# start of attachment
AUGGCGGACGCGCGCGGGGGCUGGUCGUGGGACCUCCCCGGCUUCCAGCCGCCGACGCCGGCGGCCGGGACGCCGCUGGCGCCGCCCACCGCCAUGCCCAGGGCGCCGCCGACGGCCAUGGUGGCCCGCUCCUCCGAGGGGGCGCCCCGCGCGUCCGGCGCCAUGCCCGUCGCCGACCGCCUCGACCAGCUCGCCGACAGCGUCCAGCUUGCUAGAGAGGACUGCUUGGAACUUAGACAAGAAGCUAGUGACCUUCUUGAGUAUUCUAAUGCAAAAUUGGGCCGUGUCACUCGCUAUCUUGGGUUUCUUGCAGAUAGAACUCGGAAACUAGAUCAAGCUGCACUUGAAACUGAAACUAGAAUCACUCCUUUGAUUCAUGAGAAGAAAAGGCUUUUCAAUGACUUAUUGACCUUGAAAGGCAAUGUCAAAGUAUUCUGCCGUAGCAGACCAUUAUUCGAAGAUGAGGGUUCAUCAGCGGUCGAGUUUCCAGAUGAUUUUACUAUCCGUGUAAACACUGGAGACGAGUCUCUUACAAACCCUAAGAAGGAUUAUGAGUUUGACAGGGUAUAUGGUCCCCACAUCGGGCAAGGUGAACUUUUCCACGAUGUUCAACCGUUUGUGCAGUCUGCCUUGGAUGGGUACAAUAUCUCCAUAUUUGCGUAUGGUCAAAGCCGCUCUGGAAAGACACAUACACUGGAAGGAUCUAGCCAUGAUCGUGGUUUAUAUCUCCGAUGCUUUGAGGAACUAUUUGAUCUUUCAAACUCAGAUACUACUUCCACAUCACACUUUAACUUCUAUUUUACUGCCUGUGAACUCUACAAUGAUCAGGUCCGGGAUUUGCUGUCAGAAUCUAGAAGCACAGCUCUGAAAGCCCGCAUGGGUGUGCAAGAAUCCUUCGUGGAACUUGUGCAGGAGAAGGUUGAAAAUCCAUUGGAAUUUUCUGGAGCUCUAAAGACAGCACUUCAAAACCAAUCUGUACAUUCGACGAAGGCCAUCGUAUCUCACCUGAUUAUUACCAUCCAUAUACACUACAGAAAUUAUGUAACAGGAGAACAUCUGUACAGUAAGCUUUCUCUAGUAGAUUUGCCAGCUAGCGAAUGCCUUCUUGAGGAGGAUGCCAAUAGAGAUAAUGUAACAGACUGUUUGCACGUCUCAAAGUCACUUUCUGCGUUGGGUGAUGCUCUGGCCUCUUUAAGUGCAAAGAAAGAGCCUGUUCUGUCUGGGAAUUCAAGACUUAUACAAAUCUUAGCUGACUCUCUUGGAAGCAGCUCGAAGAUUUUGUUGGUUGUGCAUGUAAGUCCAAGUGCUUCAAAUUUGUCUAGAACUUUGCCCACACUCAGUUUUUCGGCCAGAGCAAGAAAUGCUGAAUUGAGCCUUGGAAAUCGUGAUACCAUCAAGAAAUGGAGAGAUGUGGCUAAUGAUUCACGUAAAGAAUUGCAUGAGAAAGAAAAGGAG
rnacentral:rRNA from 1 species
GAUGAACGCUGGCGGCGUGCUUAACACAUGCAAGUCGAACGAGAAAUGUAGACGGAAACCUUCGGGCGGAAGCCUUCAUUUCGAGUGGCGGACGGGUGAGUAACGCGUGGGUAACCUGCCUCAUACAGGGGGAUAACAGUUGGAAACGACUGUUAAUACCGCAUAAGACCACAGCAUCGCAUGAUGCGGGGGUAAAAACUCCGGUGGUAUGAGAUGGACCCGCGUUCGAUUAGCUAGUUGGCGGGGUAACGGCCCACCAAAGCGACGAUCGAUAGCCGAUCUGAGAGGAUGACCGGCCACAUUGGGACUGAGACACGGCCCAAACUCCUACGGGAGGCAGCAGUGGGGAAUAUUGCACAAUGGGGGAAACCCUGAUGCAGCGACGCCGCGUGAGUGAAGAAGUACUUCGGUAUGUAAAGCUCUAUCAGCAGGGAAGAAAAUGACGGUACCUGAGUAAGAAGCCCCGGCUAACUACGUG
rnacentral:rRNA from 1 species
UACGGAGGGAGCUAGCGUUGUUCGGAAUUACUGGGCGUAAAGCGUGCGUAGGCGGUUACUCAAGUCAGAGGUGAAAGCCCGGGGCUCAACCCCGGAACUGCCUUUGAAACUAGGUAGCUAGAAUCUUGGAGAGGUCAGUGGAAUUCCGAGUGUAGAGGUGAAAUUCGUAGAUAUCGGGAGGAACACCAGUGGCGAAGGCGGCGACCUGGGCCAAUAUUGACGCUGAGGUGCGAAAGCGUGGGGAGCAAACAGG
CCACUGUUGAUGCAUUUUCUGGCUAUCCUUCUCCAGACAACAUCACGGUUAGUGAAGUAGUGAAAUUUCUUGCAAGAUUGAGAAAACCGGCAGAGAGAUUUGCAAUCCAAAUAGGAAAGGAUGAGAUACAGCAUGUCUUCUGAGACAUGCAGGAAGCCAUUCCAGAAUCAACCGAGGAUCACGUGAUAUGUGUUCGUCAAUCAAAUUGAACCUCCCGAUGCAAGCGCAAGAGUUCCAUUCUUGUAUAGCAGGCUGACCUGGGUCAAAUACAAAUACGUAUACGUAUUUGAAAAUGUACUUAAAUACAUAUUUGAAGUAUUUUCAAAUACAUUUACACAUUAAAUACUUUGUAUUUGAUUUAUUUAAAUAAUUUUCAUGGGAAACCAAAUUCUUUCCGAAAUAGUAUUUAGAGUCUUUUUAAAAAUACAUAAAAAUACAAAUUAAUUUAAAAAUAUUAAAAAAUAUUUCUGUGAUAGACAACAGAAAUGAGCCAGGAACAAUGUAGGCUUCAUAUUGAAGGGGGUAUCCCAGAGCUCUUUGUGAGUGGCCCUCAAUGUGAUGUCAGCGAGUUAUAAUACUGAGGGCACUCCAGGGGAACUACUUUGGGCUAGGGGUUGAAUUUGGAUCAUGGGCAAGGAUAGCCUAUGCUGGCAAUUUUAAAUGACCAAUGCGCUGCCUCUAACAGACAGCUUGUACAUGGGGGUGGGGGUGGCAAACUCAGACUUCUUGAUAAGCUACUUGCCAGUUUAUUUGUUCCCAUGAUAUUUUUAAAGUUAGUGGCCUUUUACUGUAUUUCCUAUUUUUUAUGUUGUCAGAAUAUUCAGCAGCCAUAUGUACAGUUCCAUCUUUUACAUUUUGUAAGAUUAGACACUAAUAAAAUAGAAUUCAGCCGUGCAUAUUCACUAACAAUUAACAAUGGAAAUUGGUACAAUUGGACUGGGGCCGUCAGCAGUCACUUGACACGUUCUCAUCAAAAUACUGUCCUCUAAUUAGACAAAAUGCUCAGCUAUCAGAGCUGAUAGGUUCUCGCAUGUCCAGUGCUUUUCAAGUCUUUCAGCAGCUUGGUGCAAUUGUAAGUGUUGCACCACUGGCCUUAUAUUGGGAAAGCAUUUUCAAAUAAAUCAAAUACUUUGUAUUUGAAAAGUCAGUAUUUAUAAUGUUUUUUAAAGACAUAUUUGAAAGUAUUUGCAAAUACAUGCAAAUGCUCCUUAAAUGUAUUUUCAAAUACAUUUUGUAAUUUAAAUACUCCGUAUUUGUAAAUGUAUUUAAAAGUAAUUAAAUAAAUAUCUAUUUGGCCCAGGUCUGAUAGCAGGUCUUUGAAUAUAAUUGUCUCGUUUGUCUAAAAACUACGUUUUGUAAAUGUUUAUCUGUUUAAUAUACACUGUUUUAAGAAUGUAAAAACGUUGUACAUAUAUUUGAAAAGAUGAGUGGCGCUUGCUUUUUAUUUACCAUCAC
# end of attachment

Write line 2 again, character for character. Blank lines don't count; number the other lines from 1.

rnacentral:rRNA from 1 species